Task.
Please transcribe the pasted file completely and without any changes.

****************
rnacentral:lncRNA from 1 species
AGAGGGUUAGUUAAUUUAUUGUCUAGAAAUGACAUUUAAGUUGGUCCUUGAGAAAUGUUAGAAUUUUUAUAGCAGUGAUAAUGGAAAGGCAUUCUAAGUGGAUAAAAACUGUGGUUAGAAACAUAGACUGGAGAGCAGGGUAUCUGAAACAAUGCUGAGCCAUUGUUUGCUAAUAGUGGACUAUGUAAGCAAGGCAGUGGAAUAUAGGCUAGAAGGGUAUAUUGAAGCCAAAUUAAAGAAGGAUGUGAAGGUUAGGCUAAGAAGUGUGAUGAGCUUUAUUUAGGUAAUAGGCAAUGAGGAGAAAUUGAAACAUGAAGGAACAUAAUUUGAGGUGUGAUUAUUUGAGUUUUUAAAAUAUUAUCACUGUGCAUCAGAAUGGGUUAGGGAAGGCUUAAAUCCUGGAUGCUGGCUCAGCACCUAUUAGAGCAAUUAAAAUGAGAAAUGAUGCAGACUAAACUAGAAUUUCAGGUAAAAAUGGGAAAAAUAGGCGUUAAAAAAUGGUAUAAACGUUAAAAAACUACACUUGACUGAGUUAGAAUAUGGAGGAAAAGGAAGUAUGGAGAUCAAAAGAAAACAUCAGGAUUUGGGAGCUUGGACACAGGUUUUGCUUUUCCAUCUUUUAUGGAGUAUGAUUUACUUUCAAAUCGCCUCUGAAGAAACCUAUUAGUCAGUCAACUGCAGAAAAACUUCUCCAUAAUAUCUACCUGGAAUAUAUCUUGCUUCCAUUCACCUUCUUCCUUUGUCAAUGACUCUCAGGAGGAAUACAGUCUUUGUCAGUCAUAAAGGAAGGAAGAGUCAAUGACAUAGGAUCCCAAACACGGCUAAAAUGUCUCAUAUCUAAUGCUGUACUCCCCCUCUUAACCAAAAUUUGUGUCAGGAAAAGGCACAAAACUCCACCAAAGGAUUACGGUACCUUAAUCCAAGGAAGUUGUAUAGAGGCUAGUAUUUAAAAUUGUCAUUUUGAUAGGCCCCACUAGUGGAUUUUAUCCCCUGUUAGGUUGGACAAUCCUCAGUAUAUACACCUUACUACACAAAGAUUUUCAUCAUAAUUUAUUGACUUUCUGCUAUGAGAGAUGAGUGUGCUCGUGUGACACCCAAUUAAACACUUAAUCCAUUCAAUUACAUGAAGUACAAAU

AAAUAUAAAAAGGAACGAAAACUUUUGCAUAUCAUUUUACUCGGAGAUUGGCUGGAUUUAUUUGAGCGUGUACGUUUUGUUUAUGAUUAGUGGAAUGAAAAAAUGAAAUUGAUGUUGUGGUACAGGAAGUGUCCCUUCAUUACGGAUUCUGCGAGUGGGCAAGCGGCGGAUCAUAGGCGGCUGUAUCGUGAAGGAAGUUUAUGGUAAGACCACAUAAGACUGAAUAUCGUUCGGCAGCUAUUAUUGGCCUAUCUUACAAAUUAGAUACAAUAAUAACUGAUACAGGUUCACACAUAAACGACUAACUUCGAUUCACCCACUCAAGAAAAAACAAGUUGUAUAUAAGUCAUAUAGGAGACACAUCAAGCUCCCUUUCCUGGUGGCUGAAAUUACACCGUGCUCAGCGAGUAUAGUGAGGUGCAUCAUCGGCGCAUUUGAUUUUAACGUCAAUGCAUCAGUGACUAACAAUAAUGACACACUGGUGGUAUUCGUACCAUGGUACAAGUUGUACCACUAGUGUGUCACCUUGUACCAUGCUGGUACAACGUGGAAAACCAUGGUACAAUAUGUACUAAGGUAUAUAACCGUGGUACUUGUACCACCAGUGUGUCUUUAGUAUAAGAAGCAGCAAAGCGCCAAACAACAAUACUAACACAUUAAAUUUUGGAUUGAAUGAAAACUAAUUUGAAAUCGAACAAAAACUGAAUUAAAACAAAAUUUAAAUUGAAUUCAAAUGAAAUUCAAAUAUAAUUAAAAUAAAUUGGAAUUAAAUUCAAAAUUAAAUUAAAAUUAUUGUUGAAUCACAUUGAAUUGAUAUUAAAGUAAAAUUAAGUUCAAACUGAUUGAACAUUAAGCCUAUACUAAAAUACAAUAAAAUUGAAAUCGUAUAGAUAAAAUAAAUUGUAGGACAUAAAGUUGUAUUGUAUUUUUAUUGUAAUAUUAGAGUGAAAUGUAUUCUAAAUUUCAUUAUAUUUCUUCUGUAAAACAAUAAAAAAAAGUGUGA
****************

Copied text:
rnacentral:lncRNA from 1 species
AGAGGGUUAGUUAAUUUAUUGUCUAGAAAUGACAUUUAAGUUGGUCCUUGAGAAAUGUUAGAAUUUUUAUAGCAGUGAUAAUGGAAAGGCAUUCUAAGUGGAUAAAAACUGUGGUUAGAAACAUAGACUGGAGAGCAGGGUAUCUGAAACAAUGCUGAGCCAUUGUUUGCUAAUAGUGGACUAUGUAAGCAAGGCAGUGGAAUAUAGGCUAGAAGGGUAUAUUGAAGCCAAAUUAAAGAAGGAUGUGAAGGUUAGGCUAAGAAGUGUGAUGAGCUUUAUUUAGGUAAUAGGCAAUGAGGAGAAAUUGAAACAUGAAGGAACAUAAUUUGAGGUGUGAUUAUUUGAGUUUUUAAAAUAUUAUCACUGUGCAUCAGAAUGGGUUAGGGAAGGCUUAAAUCCUGGAUGCUGGCUCAGCACCUAUUAGAGCAAUUAAAAUGAGAAAUGAUGCAGACUAAACUAGAAUUUCAGGUAAAAAUGGGAAAAAUAGGCGUUAAAAAAUGGUAUAAACGUUAAAAAACUACACUUGACUGAGUUAGAAUAUGGAGGAAAAGGAAGUAUGGAGAUCAAAAGAAAACAUCAGGAUUUGGGAGCUUGGACACAGGUUUUGCUUUUCCAUCUUUUAUGGAGUAUGAUUUACUUUCAAAUCGCCUCUGAAGAAACCUAUUAGUCAGUCAACUGCAGAAAAACUUCUCCAUAAUAUCUACCUGGAAUAUAUCUUGCUUCCAUUCACCUUCUUCCUUUGUCAAUGACUCUCAGGAGGAAUACAGUCUUUGUCAGUCAUAAAGGAAGGAAGAGUCAAUGACAUAGGAUCCCAAACACGGCUAAAAUGUCUCAUAUCUAAUGCUGUACUCCCCCUCUUAACCAAAAUUUGUGUCAGGAAAAGGCACAAAACUCCACCAAAGGAUUACGGUACCUUAAUCCAAGGAAGUUGUAUAGAGGCUAGUAUUUAAAAUUGUCAUUUUGAUAGGCCCCACUAGUGGAUUUUAUCCCCUGUUAGGUUGGACAAUCCUCAGUAUAUACACCUUACUACACAAAGAUUUUCAUCAUAAUUUAUUGACUUUCUGCUAUGAGAGAUGAGUGUGCUCGUGUGACACCCAAUUAAACACUUAAUCCAUUCAAUUACAUGAAGUACAAAU

AAAUAUAAAAAGGAACGAAAACUUUUGCAUAUCAUUUUACUCGGAGAUUGGCUGGAUUUAUUUGAGCGUGUACGUUUUGUUUAUGAUUAGUGGAAUGAAAAAAUGAAAUUGAUGUUGUGGUACAGGAAGUGUCCCUUCAUUACGGAUUCUGCGAGUGGGCAAGCGGCGGAUCAUAGGCGGCUGUAUCGUGAAGGAAGUUUAUGGUAAGACCACAUAAGACUGAAUAUCGUUCGGCAGCUAUUAUUGGCCUAUCUUACAAAUUAGAUACAAUAAUAACUGAUACAGGUUCACACAUAAACGACUAACUUCGAUUCACCCACUCAAGAAAAAACAAGUUGUAUAUAAGUCAUAUAGGAGACACAUCAAGCUCCCUUUCCUGGUGGCUGAAAUUACACCGUGCUCAGCGAGUAUAGUGAGGUGCAUCAUCGGCGCAUUUGAUUUUAACGUCAAUGCAUCAGUGACUAACAAUAAUGACACACUGGUGGUAUUCGUACCAUGGUACAAGUUGUACCACUAGUGUGUCACCUUGUACCAUGCUGGUACAACGUGGAAAACCAUGGUACAAUAUGUACUAAGGUAUAUAACCGUGGUACUUGUACCACCAGUGUGUCUUUAGUAUAAGAAGCAGCAAAGCGCCAAACAACAAUACUAACACAUUAAAUUUUGGAUUGAAUGAAAACUAAUUUGAAAUCGAACAAAAACUGAAUUAAAACAAAAUUUAAAUUGAAUUCAAAUGAAAUUCAAAUAUAAUUAAAAUAAAUUGGAAUUAAAUUCAAAAUUAAAUUAAAAUUAUUGUUGAAUCACAUUGAAUUGAUAUUAAAGUAAAAUUAAGUUCAAACUGAUUGAACAUUAAGCCUAUACUAAAAUACAAUAAAAUUGAAAUCGUAUAGAUAAAAUAAAUUGUAGGACAUAAAGUUGUAUUGUAUUUUUAUUGUAAUAUUAGAGUGAAAUGUAUUCUAAAUUUCAUUAUAUUUCUUCUGUAAAACAAUAAAAAAAAGUGUGA